Have you ever taken a close look at the experience your customers have with you?

The big concept of Two Hat Marketing is for all of us responsible for marketing our businesses (and that would be everyone in our companies) to see through the eyes of our customers. This is not only easier said than done, but it also often includes touchpoints we don't even think about.

Mapping your customer's experience is a great exercise for all of us (me included). This involves walking through the entire prospect/customer experience and listing every single point where the customer's experience is impacted. This list will likely be longer than you initially anticipate. For example, for most businesses it would include at a minimum:

  • Your logo
  • Emails
  • Advertisements
  • Mailings
  • Outbound voicemail message
  • Inbound voicemail message
  • Letterhead
  • Business cards
  • The way you dress
  • Your website
  • First impressions
  • How you answer the phone
  • Last impressions
  • How you take an order
  • How a product/service is delivered
  • Advertising specialties
  • And many other touchpoints

I just returned from a meeting with a national trade association where we mapped out the experience for their big trade show. We had dozens of touchpoints that impacted their customer's (attendees and exhibitors) experience — the airport, the hotel check-in, the restaurants, the buses, event registration, signage around the convention center, the security people, and more.

Obviously, there are many touchpoints in their situation that they have little or no control over. If an attendee arrives at his/her hotel late and gets walked, the association can't completely control that, but it does impact the customer's overall experience with the event. I'm betting there are touchpoints you don't have complete control over, too.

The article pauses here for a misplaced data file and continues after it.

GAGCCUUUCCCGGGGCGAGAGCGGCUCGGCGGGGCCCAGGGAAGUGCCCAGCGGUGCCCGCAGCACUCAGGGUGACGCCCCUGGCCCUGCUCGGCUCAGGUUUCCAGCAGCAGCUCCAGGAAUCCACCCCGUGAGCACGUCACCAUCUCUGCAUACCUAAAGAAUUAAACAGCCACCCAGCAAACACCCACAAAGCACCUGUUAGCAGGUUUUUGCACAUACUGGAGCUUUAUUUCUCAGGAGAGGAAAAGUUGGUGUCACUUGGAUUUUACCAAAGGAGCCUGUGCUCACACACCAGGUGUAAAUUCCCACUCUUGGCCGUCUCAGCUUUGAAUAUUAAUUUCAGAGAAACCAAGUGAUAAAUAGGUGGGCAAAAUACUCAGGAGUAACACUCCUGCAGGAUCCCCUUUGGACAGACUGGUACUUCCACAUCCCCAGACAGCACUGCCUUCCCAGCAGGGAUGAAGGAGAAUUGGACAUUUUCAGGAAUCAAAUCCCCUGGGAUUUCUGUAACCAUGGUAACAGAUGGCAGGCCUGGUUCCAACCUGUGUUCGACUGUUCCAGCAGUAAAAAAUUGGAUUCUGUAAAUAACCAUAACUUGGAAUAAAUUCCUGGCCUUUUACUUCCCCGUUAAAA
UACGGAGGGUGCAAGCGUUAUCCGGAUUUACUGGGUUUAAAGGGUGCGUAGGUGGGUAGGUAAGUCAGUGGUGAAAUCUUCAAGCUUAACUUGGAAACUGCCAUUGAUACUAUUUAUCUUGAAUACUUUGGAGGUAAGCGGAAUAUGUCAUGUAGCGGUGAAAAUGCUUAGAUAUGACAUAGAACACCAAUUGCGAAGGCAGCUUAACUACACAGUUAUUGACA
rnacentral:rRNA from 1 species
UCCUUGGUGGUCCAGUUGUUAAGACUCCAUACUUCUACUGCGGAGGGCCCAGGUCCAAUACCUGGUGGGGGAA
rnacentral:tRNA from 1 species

But can you influence a touchpoint you can't control? Nowadays, for example, when you order something on the Internet, it's common for the vendor to send you an email immediately after the product's shipped, with the tracking number and link. This gives the customer the opportunity to follow their order every step of the way. Even though AT&T doesn't have complete control over the delivery of my new iPhone, they've sent me a link to the UPS site so I can track it. They are helping manage the experience.

A key point is to remember that everything walks the talk. Every touchpoint matters to your prospects and customers. And every touchpoint impacts their perception of you and your brand. Every touchpoint does one of three things. It eithers MAINTAINS their perception of your brand, or it ENHANCES their perception of your brand, or it DIMINISHES their perception of your brand.

What are all the touchpoints in your prospect's and customer's experience? Are they congruent with your brand and your branding proposition? Map each touchpoint. Then analyze how impacts your target's experience and perception. Do you have complete control over a touchpoint? Then make darn sure it walks the talk? Do you have little or no control? Then how can you influence the experience?

Most businesses I consult for have never gone through the exercise of mapping their customer's experience, but believe me, it's worth it.